For many years I’ve heard about diving under the Newport Pier. I was never keen on the idea. It’s surrounded my surfers and sand, and protected by a curtain of fishing poles. Three years ago, my friend Jim, finally talked me into it. “We’ll make a quick dive before work,” he said. I work 10 minutes from there. So what, I’ll be a little late?”
Upon arrival, my expectations held. Lots of surfers, lots of sand and lots of fisherman. The upside was, it was a beautiful summer morning and I was playing a little hooky from work. The parking is very close to the pier. There are no stairs. The walk over the sand is short, and there are showers right next to our parking spaces.
This is probably the easiest Southern California beach dive you can do. We first checked conditions by walking to the end of the pier and looking down at the pilings. The visibility looked unexpectedly nice. Easily 15 feet vertical. Our entry was just next to the pier.
A quick shuffle through the surf and we then finned under the pier and made a surface swim to the beginning of the rectangular platform at the end. We dropped down 24 feet to the bottom. It was bright and sandy behind me and dark and ominous in front of me. My initial reaction was that this was a wasteland. Lots of discarded junk and fishing line. There was almost a fence of knives surrounding the pier.
It didn’t take long to make a quick recon of the entire dive area. When I finally settled down and put on my macro eyes, an explosion of life was in front of me. This is an arduous environment, subjected to high surf and the seasons, yet there was a proliferation of life under the pier. After my initial dive, I told Jim that we should make this a weekly event. So started my quest to video document this environment for a year. We meet every other week or so. Two-thirds of the time, the visibility at the end of the pier made us skip the dive and arrive early at work.
The late spring and summer months are the best under the pier. Bryozoan carpets the bottom making a nursery for juvenile fish, crabs and nudibranchs. Bundles of fishing line make a home for pipefish. In my 30 years of diving, these were the first pipefish I’ve seen in Southern California. Empty clamshells make a home for bay blennies. A discarded PVC pipe makes a home for sarcastic fringeheads. An empty shell makes a home for a small octopus. Crabs of many flavors enjoy the bounty of discarded fileted fish from the fisherman above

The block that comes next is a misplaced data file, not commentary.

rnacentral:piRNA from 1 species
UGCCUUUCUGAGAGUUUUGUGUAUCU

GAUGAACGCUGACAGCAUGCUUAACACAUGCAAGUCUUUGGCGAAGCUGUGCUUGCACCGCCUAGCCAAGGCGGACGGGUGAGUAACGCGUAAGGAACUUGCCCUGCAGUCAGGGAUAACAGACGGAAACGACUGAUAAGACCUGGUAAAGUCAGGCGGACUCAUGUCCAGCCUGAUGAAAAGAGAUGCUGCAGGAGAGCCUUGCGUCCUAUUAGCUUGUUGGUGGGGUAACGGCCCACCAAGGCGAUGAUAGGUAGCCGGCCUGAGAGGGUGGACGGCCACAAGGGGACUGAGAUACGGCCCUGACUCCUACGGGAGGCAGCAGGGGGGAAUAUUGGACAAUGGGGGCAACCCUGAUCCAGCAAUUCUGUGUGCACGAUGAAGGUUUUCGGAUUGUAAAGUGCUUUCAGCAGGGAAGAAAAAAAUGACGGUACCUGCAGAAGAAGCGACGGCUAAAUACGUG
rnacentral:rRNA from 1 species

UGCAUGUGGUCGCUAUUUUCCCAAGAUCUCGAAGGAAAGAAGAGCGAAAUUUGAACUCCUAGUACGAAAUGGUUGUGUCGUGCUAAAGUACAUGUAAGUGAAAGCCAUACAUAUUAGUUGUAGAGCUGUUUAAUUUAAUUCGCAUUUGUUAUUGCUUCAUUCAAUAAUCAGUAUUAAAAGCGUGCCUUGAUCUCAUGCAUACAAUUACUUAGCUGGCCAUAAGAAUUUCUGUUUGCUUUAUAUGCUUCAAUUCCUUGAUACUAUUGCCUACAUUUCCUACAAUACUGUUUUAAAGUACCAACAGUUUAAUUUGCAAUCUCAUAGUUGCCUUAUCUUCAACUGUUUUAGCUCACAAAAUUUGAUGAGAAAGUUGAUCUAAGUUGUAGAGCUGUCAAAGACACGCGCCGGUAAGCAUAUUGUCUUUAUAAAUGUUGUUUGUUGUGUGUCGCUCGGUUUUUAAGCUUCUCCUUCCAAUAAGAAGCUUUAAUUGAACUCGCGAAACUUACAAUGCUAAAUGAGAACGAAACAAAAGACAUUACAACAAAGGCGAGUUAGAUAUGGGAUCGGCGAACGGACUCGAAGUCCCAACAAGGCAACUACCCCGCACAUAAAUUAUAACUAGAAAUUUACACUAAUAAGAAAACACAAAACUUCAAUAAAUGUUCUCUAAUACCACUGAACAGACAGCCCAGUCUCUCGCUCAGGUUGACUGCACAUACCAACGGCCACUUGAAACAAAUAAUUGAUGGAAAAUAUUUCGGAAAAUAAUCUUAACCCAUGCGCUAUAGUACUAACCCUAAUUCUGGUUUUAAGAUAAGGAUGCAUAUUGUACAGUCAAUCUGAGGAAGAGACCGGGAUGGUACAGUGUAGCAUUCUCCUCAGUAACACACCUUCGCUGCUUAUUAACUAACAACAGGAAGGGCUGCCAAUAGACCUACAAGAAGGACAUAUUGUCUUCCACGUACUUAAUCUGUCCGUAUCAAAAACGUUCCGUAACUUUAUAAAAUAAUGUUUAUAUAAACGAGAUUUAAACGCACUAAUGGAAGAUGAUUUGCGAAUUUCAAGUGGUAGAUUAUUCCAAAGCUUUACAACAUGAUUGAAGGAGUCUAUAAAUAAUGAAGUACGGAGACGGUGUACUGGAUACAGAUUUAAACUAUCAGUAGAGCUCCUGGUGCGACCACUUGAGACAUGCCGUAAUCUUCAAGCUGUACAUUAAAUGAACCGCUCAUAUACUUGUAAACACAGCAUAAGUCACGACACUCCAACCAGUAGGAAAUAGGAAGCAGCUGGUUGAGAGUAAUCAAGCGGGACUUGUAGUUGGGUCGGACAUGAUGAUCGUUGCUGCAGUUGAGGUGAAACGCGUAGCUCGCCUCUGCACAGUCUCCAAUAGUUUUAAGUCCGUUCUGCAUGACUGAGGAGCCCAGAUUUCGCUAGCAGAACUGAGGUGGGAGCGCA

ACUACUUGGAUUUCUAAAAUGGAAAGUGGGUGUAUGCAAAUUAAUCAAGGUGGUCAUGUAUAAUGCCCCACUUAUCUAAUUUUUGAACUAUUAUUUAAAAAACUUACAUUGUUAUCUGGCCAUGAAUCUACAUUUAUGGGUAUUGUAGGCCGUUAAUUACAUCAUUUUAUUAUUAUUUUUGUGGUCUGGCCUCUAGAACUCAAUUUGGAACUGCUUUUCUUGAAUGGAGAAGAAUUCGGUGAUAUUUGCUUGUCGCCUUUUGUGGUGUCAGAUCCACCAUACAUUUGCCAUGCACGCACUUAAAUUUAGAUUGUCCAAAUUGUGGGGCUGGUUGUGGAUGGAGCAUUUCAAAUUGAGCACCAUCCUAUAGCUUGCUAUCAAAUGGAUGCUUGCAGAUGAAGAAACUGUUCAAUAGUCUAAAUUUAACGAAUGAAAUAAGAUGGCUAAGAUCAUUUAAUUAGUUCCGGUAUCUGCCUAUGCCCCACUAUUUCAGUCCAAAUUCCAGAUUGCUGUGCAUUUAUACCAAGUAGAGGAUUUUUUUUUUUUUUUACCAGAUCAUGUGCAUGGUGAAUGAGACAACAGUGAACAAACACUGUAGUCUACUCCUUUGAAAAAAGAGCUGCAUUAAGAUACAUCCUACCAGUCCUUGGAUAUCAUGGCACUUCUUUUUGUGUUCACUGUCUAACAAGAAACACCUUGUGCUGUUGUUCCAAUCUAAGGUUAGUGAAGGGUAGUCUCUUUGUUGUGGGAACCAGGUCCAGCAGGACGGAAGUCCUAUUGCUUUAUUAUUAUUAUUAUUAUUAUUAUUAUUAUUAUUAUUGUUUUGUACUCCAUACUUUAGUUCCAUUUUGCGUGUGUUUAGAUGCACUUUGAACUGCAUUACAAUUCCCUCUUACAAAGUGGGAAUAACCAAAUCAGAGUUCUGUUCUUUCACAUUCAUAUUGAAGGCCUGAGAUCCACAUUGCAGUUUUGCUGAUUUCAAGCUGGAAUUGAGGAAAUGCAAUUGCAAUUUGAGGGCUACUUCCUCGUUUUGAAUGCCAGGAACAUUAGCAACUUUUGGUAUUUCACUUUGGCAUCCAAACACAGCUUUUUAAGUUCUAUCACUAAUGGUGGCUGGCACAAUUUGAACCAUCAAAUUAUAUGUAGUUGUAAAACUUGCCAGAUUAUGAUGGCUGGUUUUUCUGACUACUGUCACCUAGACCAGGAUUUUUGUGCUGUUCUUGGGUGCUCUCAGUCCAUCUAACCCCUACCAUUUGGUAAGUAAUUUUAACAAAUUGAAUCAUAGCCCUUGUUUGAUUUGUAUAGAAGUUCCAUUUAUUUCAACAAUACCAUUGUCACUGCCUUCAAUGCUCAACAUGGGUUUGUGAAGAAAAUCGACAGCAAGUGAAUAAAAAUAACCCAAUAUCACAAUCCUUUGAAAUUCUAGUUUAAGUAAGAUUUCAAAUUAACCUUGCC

Fall months can have the best water visibility. Life is down a bit, but strange things can be sighted. Male sarcastic fringeheads have established their territories in moonsnail shells or PVC pipes or bottles. They have wooed females to lay eggs and are on high alert. They WILL bite your finger to prove it. I’ve found a small group of juvenile flag rockfish, a rare find of a deep water resident. Schools of baitfish can swarm the pier and blot out the light. On one magical fall morning, I could see the sand from the end of the platform.
A night dive is eerie in every sense. It’s the “Night of the Living Dead.” Red crabs that have been hiding in the sand all day, come to the surface. When you put your hand down on the bottom, it would start to move as crabs emerge from the sand. The bottom becomes covered with them. They are the night cleanup crew. This was of my freakiest night dive ever. I should make this a Halloween tradition.
The winter storms scrub the pier clean of the life holding bryozoan. It becomes an apocalyptic wasteland with the bottom covered in clam shells. Mostly empty, but not all. The ever-present moon snails search for the live ones for their final coup de grace. They leave their telltale bore hole, showing that they succeeded.
The Newport Pier has a long and important history for Southern California. In 1888, it was built as the McFadden Wharf. The local inhabitants suggested this exact spot because of the way waves break. It breaks to the north, or the south. But where the pier sits, waves are minimal. Later it was found, that there is a submarine canyon directly off of the pier.
This is a special place to dive. It’s not clean, it’s not pretty–it’s spectacular. If a ‘beach clean up’ effort were to be held here, I would be the first to protest. Life without the pier or the garbage from above, would be SAND. Life under the pier has adapted to us humans, even with its barbed-hooked consequences. I’m not encouraging littering our oceans, but a discarded bottle is home to the octopus. Sunglasses are a home to the pipefish. Discarded batteries are a time bomb to this habitat. I sent them to the recycling center.
Dive Spot At A Glance
Location: 55 Freeway south until it ends on Newport Boulevard. Continue south, past Pacific Coast Highway. It will turn into West Balboa Blvd. Right at 21st Street. GPS N33°36.5157′ W117°55.7098′
Highlights: Lots of macro critters in the bryozoan carpet and on the pilings. Schools of baitfish can be seen in fall months.
Access: Beach entry. Enter next to the pier. Once past the surf, swim out under the pier to avoid fishing lines. Limited parking. Bring quarters. Best during the week or early am to avoid the crowds. Showers on the beach. Bathrooms and donuts nearby.
Depths: 25 feet under the end of the pier. If you swim straight out from the pier you can hit 100 feet as you descend into the canyon.
Visibility: 10-15 feet is good. Fall and winter can bring much better visibility.
Photography: A macro dive unless there is stellar visibility.
Hunting: It is a fishing pier. There must be something to kill.
Hazards: Fishing line (bring a sharp knife or snips), surfers, long-shore currents. Carefully check conditions. If unsure, ask the lifeguards — their office is at the beginning of the pier.